Understanding Emotional Exhaustion In the Workplace

We’ve all experienced that occasional afternoon slump at the office. But when workplace emotional exhaustion accumulates on a daily basis, it can seriously impact job performance, organizational citizenship behavior, and job satisfaction.

In their article “A Head Start or a Step Behind? Understanding How Dispositional and Motivational Resources Influence Emotional Exhaustion,” published this week in the Journal of Management, John D. Kammeyer-Mueller of the University of Florida, Lauren S. Simon of Portland State University, and Timothy A. Judge of the University of Notre Dame find that individual personality and motivation have much to do with our level of exhaustion when we start the workday versus when we clock out:

JOM_v38_72ppiRGB_150pixWAlthough it may seem unlikely for employees to leave work feeling less emotionally exhausted than when they arrived, some researchers (Sonnentag, 2005: 273) have suggested that “mentally distancing oneself from the job requirements during work might appear as a promising ‘escape’ route for mentally exhausted employees” who cannot psychologically detach themselves from work during off-hours. This suggests that temporarily “taking it easy” at work may at least reduce the rate at which resource deficits accumulate. Yet some individuals may be more willing to employ this resource regulation tactic than others.

Click here to read more, and find related research in the Journal of Management’s special collection on Work Stress and Health.

This entry was posted in Emotion, Stress and tagged , , , by Cynthia Nalevanko, Editor, SAGE Publishing. Bookmark the permalink.

About Cynthia Nalevanko, Editor, SAGE Publishing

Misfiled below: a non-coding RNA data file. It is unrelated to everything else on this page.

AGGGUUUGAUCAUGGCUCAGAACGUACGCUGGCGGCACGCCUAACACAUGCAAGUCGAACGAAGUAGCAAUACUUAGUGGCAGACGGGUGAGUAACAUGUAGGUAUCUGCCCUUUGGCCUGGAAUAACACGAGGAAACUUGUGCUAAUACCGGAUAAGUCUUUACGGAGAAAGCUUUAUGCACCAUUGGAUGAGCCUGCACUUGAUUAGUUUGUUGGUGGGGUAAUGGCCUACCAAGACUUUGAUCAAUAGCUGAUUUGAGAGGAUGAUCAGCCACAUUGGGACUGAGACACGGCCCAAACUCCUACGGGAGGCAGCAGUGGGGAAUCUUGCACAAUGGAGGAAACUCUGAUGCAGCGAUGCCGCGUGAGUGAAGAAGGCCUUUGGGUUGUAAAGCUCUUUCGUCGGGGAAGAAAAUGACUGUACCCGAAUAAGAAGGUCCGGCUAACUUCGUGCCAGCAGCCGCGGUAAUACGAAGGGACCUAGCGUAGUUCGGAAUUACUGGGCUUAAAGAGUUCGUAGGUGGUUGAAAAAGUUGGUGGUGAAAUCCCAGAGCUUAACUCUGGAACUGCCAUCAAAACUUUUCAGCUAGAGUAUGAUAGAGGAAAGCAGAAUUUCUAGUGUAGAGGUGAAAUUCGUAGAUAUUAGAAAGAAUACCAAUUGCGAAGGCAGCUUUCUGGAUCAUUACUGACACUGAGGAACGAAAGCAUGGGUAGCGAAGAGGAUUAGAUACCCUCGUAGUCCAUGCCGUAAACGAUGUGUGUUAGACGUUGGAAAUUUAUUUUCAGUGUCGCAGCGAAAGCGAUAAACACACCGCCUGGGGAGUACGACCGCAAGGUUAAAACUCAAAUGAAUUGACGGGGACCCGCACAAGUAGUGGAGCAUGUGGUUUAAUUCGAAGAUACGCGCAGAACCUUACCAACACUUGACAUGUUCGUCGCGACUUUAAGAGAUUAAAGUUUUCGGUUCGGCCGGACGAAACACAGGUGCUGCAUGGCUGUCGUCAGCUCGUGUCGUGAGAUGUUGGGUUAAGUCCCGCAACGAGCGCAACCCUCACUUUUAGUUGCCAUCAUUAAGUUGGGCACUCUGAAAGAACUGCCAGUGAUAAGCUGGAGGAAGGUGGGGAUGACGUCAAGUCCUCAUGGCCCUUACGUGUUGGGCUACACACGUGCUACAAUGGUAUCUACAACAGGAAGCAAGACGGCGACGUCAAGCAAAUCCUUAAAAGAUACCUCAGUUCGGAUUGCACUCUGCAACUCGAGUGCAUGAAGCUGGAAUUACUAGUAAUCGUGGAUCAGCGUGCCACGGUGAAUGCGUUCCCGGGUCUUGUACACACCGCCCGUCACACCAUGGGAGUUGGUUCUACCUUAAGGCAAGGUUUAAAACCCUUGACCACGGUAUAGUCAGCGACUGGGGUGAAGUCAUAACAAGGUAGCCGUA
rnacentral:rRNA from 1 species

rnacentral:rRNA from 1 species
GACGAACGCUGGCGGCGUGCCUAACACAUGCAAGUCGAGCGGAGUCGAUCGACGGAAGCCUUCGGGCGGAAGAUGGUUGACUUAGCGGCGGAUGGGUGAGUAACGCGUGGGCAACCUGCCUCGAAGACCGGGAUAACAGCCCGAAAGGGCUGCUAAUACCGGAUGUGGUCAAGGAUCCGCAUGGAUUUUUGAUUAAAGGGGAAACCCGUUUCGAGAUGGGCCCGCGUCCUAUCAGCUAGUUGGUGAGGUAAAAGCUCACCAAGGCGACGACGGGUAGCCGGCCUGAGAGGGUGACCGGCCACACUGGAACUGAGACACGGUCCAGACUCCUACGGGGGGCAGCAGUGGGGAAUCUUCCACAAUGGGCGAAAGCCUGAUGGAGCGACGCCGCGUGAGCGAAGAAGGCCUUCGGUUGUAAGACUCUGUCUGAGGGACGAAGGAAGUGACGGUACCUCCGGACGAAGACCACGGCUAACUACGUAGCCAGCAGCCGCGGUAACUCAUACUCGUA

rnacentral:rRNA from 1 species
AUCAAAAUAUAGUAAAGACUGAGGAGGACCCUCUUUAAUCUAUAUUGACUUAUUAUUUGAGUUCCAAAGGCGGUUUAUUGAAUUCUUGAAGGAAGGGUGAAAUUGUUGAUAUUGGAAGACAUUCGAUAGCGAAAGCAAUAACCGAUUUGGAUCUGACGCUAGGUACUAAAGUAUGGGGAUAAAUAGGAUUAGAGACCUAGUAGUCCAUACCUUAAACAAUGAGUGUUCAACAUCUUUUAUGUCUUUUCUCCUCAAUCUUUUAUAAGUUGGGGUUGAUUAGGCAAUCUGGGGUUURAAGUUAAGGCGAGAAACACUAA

Founded in 1965, SAGE is the world’s leading independent academic and professional publisher. Known for our commitment to quality and innovation, SAGE has helped inform and educate a global community of scholars, practitioners, researchers, and students across a broad range of subject areas. With over 1500 employees globally from principal offices in Los Angeles, London, New Delhi, Singapore, Washington DC, and Melburne, our publishing program includes more than 1000 journals and over 900 books, reference works and databases a year in business, humanities, social sciences, science, technology and medicine. Believing passionately that engaged scholarship lies at the heart of any healthy society and that education is intrinsically valuable, SAGE aims to be the world’s leading independent academic and professional publisher. This means playing a creative role in society by disseminating teaching and research on a global scale, the cornerstones of which are good, long-term relationships, a focus on our markets, and an ability to combine quality and innovation. Leading authors, editors and societies should feel that SAGE is their natural home: we believe in meeting the range of their needs, and in publishing the best of their work. We are a growing company, and our financial success comes from thinking creatively about our markets and actively responding to the needs of our customers.

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